- Improved system reliability because wear of pumps, bearings and seals is reduced.
- Reduction of capital & maintenance cost because control valves, by-pass lines, and conventional starters are no longer needed.
- Soft starter capability: VSDs allow the motor the motor to have a lower startup current.
- Parallel Pumps for Varying Demand:
Operating two or more pumps in parallel and turning some off when the demand is lower, can result in significant energy savings. Pumps providing different flow rates can be used.
Parallel pumps are an option when the static head is more than fifty percent of the total head.
The Fig. 5 shows
- the pump curve for a single pump, two pumps operating in parallel and three pumps operating in parallel.
- that the system curve normally does not change by running pumps in parallel.
- that flow rate is lower than the sum of the flow rates of the different pumps.
- Eliminating Flow Control Valve:
- Another method to control the flow by closing or opening the discharge valve (this is also known as “throttling” the valves).
- While this method reduces the flow, disadvantages are
- It does not reduce the power consumed, as the total head (static head) increases. The Fig. 6 shows how the system curve moves upwards and to the left when a discharge valve is half closed.
- increases vibration and corrosion and thereby increases maintenance costs of pumps and potentially reduces their lifetimes
- VSDs are a better solution from an energy efficiency perspective.
- Eliminating By-pass Control:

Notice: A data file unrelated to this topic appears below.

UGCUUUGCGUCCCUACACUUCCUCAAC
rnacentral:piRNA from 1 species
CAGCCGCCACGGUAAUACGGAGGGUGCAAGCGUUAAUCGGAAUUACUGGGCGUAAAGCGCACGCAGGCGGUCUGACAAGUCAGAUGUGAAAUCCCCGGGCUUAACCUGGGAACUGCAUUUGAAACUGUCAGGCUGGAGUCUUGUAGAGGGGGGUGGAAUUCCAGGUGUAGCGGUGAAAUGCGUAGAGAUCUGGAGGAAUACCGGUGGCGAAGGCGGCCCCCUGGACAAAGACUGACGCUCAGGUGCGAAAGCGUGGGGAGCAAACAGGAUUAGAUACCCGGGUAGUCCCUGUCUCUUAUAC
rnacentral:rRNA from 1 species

The flow can also be reduced by installing a by-pass control system, in which the discharge of the pump is divided into two flows going into two separate pipelines. One of the pipelines delivers the fluid to the delivery point, while the second pipeline returns the fluid to the source. In other words, part of the fluid is pumped around for no reason, and thus is an energy wastage. This option should therefore be avoided.
- Start / Stop Control of Pump:
A simple and reasonable energy efficient way to reduce the flow rate is by starting and stopping the pump, provided that this does not happen to frequently. An example where this option can be applied, is when a pump is used to fill a storage tank from which the fluid flows to the process at a steady rate. In this system, controllers are installed at the minimum and maximum level inside the tank to start and stop the pump. Some companies use this method also to avoid lower the maximum demand (i.e. by pumping at non-peak hours).
- Impeller Trimming:
- Changing the impeller diameter gives a proportional change in the impeller’s peripheral velocity
- Changing the impeller diameter is an energy efficient way to control the pump flow rate. However, for this option, the following should be considered:
- This option cannot be used where varying flow patterns exist.
- The impeller should not be trimmed more than 25% of the original impeller size, otherwise it leads to vibration due to cavitation and therefore decrease the pump efficiency.
- The balance of the pump has to been maintained, i.e. the impeller trimming should be the same on all sides.
- Changing the impeller itself is a better option than trimming the impeller, but is also more expensive and sometimes the smaller impeller is too small.
- Figure 6 illustrates the effect of impeller diameter reduction on centrifugal pump performance.
The figure 6 illustrates the effect of impeller diameter reduction on centrifugal pump performance.
- With the original impeller diameter the flow is higher
- With the trimmer impeller the flow is lower
|Parameter||Change control valve||Trim impeller||VFD|
|Impeller diameter||430 mm||375 mm||430 mm|
|Pump head||71.7 m||42 m||34.5 m|
|Rate of flow||80 m3/hr||80 m3/hr||80 m3/hr|
|Power consumed||23.1 kW||14 kW||11.6 kW|
The above table compares three options to improve energy efficiency in pumps:
- changing the control valve, trim the impeller and variable frequency drive.
- The VFD clearly reduces power most, but a disadvantage is the high costs of VFDs.
- Changing the control valves should at all times be avoided because it reduces the flow but not the power consumption and may increase pump maintenance costs.